Popliteus Injury is a common sports injury that occurs in athletes and runners who are associated with downhill running or other deceleration activities. Popliteus is a small muscle, located in the back of the knee, which attaches from the lateral distal femur to the posterior part of the tibia. It acts as a primary internal rotator of the tibia and helps with the initial flexion of the knee from an extended position (“unlock” the knee). In addition, the popliteus assists the quadriceps and posterior cruciate ligament to maintain normal tibial and femoral orientation.
Self File | Popliteus Injury 膕肌創傷_Knee Pain Causes, Physiotherapy Treatment1




Common causes are either a direct varus force, while the tibia is externally rotated, or a sudden forced knee hyperextension with the tibia internally rotated.

Self File | Popliteus Injury 膕肌創傷_Knee Pain Causes, Physiotherapy Treatment2



Risk Factors
  • Overuse of popliteus, especially when athletes who run or are trained on hills or inclined surfaces, and require downhills running or deceleration activities
  • Some researchers suggest that fatigue or overuse of quadriceps may lead to inflammation of the popliteus for overwhelming the popliteus muscle. On the other hand, over-pronation provides post-lateral stress to the popliteus tendon.



Common Symptoms
  • Pain, swelling in the posterolateral corner of the knee
  • Able to run for short distances, but with continuous running, posterolateral knee pain develops.
  • Sports that require frequent deceleration or downhill running exacerbate the symptoms
  • When the knee is flexed in 90 degrees, resisted external rotation of the tibia will provoke pain




Most of the popliteus injuries do not require surgical intervention. Popliteus injury can be managed by “RICE” -- Rest, Ice, Compression bandage, and Elevation, combined with NSAIDs and physiotherapy for swelling and pain control. Most patients respond quickly and recover in a few weeks. Ultrasound, acupuncture, specific soft tissue release techniques, and shockwave are effective in reducing swelling, pain, tightness, and inflammation of the popliteus.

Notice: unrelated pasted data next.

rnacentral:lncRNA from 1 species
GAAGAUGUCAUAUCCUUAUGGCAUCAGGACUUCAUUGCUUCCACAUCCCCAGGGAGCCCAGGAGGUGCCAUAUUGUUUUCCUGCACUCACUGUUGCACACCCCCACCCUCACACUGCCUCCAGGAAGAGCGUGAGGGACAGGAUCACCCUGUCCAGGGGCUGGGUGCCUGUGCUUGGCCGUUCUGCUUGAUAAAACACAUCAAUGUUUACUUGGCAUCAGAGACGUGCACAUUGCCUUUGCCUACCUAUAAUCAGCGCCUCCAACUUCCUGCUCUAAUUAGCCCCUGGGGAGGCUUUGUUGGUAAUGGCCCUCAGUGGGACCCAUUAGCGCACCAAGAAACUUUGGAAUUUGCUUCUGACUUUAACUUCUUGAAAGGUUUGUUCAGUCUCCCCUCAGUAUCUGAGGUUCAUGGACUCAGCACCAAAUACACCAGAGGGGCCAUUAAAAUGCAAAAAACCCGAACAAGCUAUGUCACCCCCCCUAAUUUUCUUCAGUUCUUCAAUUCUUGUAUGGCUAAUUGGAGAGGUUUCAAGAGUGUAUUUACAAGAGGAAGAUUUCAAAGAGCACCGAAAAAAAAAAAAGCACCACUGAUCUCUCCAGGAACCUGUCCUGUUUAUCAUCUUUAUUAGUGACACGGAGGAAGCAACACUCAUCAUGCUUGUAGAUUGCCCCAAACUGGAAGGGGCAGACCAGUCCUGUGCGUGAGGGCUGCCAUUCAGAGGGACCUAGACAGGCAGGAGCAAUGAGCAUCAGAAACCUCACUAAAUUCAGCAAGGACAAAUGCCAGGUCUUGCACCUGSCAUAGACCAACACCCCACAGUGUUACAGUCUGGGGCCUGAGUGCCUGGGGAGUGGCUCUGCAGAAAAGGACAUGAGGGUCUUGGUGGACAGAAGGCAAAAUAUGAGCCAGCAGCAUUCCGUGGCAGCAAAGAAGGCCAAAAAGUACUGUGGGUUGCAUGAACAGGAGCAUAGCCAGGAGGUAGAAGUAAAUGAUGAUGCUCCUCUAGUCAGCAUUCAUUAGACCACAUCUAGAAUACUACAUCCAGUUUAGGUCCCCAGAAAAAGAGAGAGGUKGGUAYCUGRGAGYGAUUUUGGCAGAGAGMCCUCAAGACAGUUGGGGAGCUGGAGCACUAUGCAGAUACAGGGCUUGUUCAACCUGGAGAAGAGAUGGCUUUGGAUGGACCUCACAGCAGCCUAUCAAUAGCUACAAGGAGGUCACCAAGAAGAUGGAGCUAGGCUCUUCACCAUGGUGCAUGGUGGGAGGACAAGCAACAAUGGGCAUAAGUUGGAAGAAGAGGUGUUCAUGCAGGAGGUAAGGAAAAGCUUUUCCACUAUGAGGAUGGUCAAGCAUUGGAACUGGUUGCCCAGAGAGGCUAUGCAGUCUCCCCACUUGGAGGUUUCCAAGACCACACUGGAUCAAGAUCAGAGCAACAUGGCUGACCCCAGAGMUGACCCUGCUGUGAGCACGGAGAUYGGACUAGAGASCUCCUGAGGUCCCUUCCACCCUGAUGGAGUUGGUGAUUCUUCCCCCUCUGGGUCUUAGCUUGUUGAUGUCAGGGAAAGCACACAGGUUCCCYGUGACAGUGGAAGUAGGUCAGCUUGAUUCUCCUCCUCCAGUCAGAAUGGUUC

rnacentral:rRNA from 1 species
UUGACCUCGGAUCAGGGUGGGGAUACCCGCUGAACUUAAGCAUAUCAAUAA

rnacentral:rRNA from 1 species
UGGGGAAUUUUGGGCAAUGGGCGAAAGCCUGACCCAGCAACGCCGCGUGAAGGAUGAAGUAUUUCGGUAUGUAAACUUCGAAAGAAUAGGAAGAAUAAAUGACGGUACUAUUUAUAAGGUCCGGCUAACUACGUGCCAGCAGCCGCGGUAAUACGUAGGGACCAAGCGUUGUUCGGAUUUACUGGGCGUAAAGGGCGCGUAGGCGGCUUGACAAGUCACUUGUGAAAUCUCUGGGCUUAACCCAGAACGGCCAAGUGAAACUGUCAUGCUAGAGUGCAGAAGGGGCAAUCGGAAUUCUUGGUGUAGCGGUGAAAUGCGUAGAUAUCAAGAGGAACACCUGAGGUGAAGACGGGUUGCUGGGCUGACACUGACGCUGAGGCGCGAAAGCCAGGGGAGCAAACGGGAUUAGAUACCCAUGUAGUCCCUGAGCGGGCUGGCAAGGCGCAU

When the pain and swelling subsided, a supervised physiotherapy program focusing on eccentric strengthening of quadriceps and popliteus is essential for returning to play. When the strength of the popliteus and quadriceps resume, athletes can return to play. However, due to the different severity of injuries, the rehabilitation time frame is different. If the patients do not respond to conservative treatment, patients may receive corticosteroid or PRP injections.
Self File | 膝痛knee pain膕肌創傷popliteus injury物理治療運動1

Self File | 膝痛knee pain膕肌創傷popliteus injury物理治療運動2

Self File | 膝痛knee pain膕肌創傷popliteus injury物理治療運動3

Self File | 膝痛knee pain膕肌創傷popliteus injury物理治療運動4

*Photo description: Step forward and backward in each position 3 times, and return to the starting position (Figure 1), after finishing all positions, change to another leg. Please exercise under proper supervision.



Preventive Measures
  • Adequate and correct warm-up before exercise
  • Static stretching exercises before and after the training to improve the flexibility of lower limbs
  • Improve the strength and endurance of quadriceps muscle, to prevent excessive overloading of the popliteus
  • Improve the knee stability
  • Correct shoewear to fix the hyperpronation of the foot






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